Carbon as hard as rock but also elastic

A team of scientists from Yanshan University and Carnegie Institution for Science has developed a form of ultrastrong, lightweight carbon that is also elastic and electrically conductive. This unique combination of properties could serve a variety of applications from aerospace engineering to military armour.

The configuration of its electrons allows for numerous self-bonding combinations that give rise to a range of materials with varying properties. For example, transparent, superhard diamonds, and opaque graphite, which is used for both pencils and industrial lubricant, are comprised solely of carbon.

The scientists pressurised and heated a structurally disordered form of carbon, called glassy carbon, to about 250,000 times normal atmospheric pressure and heated to approximately 980°C to create the new strong and elastic carbon.

The team had previously tried subjecting glassy carbon to high pressures at both room temperature and extremely high temperatures. But the so-called cold-synthesised material could not maintain its structure when brought back to ambient pressure, and under the extremely hot conditions, nanocrystalline diamonds were formed.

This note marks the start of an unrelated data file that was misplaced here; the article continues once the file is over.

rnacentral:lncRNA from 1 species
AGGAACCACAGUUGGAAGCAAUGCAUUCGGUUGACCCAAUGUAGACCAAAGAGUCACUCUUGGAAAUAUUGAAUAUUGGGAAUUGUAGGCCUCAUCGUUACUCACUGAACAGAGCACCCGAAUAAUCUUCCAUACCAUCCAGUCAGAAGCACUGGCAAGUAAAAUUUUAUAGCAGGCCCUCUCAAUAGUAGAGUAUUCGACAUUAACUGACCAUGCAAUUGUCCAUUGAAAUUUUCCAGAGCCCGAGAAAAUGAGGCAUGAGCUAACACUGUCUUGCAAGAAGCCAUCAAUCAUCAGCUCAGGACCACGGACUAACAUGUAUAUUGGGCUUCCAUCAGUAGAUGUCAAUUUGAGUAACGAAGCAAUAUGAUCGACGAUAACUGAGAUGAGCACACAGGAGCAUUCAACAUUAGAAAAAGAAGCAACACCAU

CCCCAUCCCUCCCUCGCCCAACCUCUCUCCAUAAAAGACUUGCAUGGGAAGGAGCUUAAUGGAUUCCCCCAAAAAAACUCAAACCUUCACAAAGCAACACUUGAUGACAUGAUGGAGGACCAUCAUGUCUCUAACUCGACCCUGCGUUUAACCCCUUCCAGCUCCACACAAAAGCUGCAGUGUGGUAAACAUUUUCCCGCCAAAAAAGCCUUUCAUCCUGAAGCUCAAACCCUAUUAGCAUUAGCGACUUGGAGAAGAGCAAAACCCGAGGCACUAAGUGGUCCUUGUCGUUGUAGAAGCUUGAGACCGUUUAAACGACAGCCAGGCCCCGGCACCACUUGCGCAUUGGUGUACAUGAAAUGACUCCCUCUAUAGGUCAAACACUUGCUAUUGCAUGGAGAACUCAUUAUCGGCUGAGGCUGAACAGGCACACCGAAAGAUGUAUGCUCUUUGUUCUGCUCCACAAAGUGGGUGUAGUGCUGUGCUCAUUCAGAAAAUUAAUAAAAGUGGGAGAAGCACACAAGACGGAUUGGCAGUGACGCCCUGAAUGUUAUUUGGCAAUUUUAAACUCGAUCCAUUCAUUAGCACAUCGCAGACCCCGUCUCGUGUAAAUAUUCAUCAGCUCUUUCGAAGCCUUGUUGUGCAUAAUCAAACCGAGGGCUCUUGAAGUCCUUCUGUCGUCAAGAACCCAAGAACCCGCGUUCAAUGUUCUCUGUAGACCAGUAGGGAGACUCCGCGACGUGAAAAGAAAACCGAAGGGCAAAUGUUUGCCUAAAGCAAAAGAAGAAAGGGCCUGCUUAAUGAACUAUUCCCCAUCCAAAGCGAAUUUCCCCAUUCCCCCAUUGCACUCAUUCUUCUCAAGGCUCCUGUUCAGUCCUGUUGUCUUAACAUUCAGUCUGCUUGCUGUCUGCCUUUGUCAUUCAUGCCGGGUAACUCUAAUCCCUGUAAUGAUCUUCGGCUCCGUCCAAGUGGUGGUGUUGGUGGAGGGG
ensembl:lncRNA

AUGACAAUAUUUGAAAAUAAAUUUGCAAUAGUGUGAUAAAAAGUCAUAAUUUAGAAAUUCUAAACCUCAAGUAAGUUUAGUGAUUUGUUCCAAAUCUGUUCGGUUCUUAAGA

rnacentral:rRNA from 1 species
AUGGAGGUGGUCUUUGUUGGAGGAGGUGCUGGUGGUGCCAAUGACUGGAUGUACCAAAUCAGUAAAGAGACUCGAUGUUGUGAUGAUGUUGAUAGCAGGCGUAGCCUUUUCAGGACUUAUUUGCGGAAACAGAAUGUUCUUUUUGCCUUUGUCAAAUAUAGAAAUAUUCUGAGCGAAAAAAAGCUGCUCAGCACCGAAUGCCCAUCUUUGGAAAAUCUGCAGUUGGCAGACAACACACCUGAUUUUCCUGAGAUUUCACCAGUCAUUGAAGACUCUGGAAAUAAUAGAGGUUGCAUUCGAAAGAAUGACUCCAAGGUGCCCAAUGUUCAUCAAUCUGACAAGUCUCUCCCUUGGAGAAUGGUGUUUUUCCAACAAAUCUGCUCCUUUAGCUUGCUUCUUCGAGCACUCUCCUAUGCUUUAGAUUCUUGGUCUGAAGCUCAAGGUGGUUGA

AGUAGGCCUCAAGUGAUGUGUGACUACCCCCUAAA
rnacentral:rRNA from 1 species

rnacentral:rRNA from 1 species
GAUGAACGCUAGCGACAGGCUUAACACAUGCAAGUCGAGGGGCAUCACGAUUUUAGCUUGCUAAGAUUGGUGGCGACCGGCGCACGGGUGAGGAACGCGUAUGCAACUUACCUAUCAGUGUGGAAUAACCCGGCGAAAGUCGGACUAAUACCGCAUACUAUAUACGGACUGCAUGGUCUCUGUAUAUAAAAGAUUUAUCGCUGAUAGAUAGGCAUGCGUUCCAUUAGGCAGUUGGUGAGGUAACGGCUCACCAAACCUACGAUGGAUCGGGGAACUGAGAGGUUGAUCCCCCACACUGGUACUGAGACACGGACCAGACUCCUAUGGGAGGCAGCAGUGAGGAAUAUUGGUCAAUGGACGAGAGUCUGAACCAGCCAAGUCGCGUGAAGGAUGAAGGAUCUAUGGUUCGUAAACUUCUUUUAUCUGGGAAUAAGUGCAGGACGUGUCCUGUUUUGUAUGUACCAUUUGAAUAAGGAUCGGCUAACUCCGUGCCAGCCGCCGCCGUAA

The newly created carbon is comprised of both graphite-like and diamond-like bonding motifs, which allows the unique combination of properties. Under the high-pressure synthesis conditions, disordered layers within the glassy carbon buckle, merge, and connect in various ways. This process creates an overall structure that lacks a long-range spatial order, but has a short-range spatial organisation on the nanometer scale.

“Light materials with high strength and robust elasticity like this are desirable for applications where weight savings are of the utmost importance, even more than material cost,” explained Yanshan University professor Zhisheng Zhao. “What's more, we believe that this synthesis method could be honed to create other extraordinary forms of carbon and entirely different classes of materials.”